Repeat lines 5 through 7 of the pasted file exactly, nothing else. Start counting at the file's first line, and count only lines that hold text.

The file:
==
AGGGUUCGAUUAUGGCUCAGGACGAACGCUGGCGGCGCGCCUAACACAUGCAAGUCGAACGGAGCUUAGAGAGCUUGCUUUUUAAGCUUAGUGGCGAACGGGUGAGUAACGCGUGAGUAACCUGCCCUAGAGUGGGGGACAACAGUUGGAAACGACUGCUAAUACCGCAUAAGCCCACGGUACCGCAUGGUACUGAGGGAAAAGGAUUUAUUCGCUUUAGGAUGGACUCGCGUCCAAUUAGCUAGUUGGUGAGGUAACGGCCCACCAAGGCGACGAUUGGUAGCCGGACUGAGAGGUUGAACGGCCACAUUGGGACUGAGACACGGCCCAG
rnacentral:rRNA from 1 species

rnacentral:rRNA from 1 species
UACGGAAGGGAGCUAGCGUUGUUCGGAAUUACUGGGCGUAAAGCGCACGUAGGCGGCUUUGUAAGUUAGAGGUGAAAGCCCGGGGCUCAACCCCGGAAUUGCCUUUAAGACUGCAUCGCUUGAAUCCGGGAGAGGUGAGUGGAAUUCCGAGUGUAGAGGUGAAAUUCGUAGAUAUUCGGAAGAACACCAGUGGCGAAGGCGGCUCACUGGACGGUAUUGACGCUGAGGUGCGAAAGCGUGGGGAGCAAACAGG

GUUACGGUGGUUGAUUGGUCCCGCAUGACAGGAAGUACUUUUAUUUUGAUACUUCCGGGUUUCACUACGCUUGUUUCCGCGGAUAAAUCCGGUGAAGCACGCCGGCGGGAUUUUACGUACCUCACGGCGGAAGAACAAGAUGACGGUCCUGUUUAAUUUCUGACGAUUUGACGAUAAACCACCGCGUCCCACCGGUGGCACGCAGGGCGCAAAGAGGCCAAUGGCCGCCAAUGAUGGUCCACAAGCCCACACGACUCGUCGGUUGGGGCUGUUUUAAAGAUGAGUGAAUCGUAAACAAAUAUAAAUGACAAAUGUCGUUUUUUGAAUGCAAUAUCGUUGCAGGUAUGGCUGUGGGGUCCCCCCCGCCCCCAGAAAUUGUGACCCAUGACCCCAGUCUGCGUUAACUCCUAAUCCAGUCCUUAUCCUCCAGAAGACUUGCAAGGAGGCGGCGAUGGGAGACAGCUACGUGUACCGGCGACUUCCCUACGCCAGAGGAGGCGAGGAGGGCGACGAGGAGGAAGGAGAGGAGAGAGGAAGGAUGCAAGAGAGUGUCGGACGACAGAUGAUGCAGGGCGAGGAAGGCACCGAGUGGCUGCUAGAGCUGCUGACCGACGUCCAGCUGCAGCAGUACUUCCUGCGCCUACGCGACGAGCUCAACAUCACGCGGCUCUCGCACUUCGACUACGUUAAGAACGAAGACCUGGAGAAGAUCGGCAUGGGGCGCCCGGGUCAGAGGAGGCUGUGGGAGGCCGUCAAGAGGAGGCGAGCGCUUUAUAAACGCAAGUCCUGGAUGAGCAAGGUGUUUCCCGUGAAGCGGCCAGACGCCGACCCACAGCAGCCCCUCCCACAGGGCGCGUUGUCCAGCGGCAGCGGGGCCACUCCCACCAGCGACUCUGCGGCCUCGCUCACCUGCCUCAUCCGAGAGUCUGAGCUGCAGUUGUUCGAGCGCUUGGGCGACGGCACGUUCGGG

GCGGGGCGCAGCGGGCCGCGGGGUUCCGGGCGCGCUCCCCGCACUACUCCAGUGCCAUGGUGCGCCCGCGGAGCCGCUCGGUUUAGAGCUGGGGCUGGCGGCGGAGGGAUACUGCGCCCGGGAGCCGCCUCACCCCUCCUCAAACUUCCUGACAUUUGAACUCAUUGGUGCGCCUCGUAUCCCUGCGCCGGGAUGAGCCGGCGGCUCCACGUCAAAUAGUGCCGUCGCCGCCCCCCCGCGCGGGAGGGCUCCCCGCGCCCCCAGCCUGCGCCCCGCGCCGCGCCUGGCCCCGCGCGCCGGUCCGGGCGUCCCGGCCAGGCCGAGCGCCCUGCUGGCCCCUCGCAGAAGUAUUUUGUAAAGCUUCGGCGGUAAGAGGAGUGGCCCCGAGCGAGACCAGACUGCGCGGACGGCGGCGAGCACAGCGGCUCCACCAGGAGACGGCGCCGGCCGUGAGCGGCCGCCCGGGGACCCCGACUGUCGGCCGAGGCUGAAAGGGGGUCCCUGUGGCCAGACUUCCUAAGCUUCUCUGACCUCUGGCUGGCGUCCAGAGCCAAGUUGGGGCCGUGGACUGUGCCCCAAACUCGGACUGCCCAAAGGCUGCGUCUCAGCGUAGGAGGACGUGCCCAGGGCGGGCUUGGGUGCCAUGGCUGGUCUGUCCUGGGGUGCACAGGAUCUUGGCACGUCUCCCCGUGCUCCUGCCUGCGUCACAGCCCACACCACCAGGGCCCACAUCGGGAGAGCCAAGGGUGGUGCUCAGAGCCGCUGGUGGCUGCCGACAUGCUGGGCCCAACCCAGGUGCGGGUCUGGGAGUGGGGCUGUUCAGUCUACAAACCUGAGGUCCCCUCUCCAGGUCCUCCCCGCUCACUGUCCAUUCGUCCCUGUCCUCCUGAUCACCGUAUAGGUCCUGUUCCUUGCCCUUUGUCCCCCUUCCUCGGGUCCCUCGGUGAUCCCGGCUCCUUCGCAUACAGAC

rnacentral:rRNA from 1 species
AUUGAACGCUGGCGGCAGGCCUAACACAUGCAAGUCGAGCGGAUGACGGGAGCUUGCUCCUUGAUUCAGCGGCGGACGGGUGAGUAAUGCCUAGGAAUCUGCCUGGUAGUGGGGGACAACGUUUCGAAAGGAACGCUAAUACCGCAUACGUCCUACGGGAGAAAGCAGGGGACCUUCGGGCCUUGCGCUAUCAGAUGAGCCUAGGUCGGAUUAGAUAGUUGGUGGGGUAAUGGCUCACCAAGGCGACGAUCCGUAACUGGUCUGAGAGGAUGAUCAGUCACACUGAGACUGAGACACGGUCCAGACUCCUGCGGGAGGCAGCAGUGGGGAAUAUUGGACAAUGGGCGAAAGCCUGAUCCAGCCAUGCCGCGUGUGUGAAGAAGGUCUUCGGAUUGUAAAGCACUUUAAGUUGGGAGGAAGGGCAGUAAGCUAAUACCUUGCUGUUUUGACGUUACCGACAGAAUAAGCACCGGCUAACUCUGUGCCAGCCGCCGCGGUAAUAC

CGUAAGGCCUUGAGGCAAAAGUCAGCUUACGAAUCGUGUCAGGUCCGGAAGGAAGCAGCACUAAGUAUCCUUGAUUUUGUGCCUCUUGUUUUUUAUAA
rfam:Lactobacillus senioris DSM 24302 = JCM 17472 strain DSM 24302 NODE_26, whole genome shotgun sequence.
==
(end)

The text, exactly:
GUUACGGUGGUUGAUUGGUCCCGCAUGACAGGAAGUACUUUUAUUUUGAUACUUCCGGGUUUCACUACGCUUGUUUCCGCGGAUAAAUCCGGUGAAGCACGCCGGCGGGAUUUUACGUACCUCACGGCGGAAGAACAAGAUGACGGUCCUGUUUAAUUUCUGACGAUUUGACGAUAAACCACCGCGUCCCACCGGUGGCACGCAGGGCGCAAAGAGGCCAAUGGCCGCCAAUGAUGGUCCACAAGCCCACACGACUCGUCGGUUGGGGCUGUUUUAAAGAUGAGUGAAUCGUAAACAAAUAUAAAUGACAAAUGUCGUUUUUUGAAUGCAAUAUCGUUGCAGGUAUGGCUGUGGGGUCCCCCCCGCCCCCAGAAAUUGUGACCCAUGACCCCAGUCUGCGUUAACUCCUAAUCCAGUCCUUAUCCUCCAGAAGACUUGCAAGGAGGCGGCGAUGGGAGACAGCUACGUGUACCGGCGACUUCCCUACGCCAGAGGAGGCGAGGAGGGCGACGAGGAGGAAGGAGAGGAGAGAGGAAGGAUGCAAGAGAGUGUCGGACGACAGAUGAUGCAGGGCGAGGAAGGCACCGAGUGGCUGCUAGAGCUGCUGACCGACGUCCAGCUGCAGCAGUACUUCCUGCGCCUACGCGACGAGCUCAACAUCACGCGGCUCUCGCACUUCGACUACGUUAAGAACGAAGACCUGGAGAAGAUCGGCAUGGGGCGCCCGGGUCAGAGGAGGCUGUGGGAGGCCGUCAAGAGGAGGCGAGCGCUUUAUAAACGCAAGUCCUGGAUGAGCAAGGUGUUUCCCGUGAAGCGGCCAGACGCCGACCCACAGCAGCCCCUCCCACAGGGCGCGUUGUCCAGCGGCAGCGGGGCCACUCCCACCAGCGACUCUGCGGCCUCGCUCACCUGCCUCAUCCGAGAGUCUGAGCUGCAGUUGUUCGAGCGCUUGGGCGACGGCACGUUCGGG

GCGGGGCGCAGCGGGCCGCGGGGUUCCGGGCGCGCUCCCCGCACUACUCCAGUGCCAUGGUGCGCCCGCGGAGCCGCUCGGUUUAGAGCUGGGGCUGGCGGCGGAGGGAUACUGCGCCCGGGAGCCGCCUCACCCCUCCUCAAACUUCCUGACAUUUGAACUCAUUGGUGCGCCUCGUAUCCCUGCGCCGGGAUGAGCCGGCGGCUCCACGUCAAAUAGUGCCGUCGCCGCCCCCCCGCGCGGGAGGGCUCCCCGCGCCCCCAGCCUGCGCCCCGCGCCGCGCCUGGCCCCGCGCGCCGGUCCGGGCGUCCCGGCCAGGCCGAGCGCCCUGCUGGCCCCUCGCAGAAGUAUUUUGUAAAGCUUCGGCGGUAAGAGGAGUGGCCCCGAGCGAGACCAGACUGCGCGGACGGCGGCGAGCACAGCGGCUCCACCAGGAGACGGCGCCGGCCGUGAGCGGCCGCCCGGGGACCCCGACUGUCGGCCGAGGCUGAAAGGGGGUCCCUGUGGCCAGACUUCCUAAGCUUCUCUGACCUCUGGCUGGCGUCCAGAGCCAAGUUGGGGCCGUGGACUGUGCCCCAAACUCGGACUGCCCAAAGGCUGCGUCUCAGCGUAGGAGGACGUGCCCAGGGCGGGCUUGGGUGCCAUGGCUGGUCUGUCCUGGGGUGCACAGGAUCUUGGCACGUCUCCCCGUGCUCCUGCCUGCGUCACAGCCCACACCACCAGGGCCCACAUCGGGAGAGCCAAGGGUGGUGCUCAGAGCCGCUGGUGGCUGCCGACAUGCUGGGCCCAACCCAGGUGCGGGUCUGGGAGUGGGGCUGUUCAGUCUACAAACCUGAGGUCCCCUCUCCAGGUCCUCCCCGCUCACUGUCCAUUCGUCCCUGUCCUCCUGAUCACCGUAUAGGUCCUGUUCCUUGCCCUUUGUCCCCCUUCCUCGGGUCCCUCGGUGAUCCCGGCUCCUUCGCAUACAGAC

rnacentral:rRNA from 1 species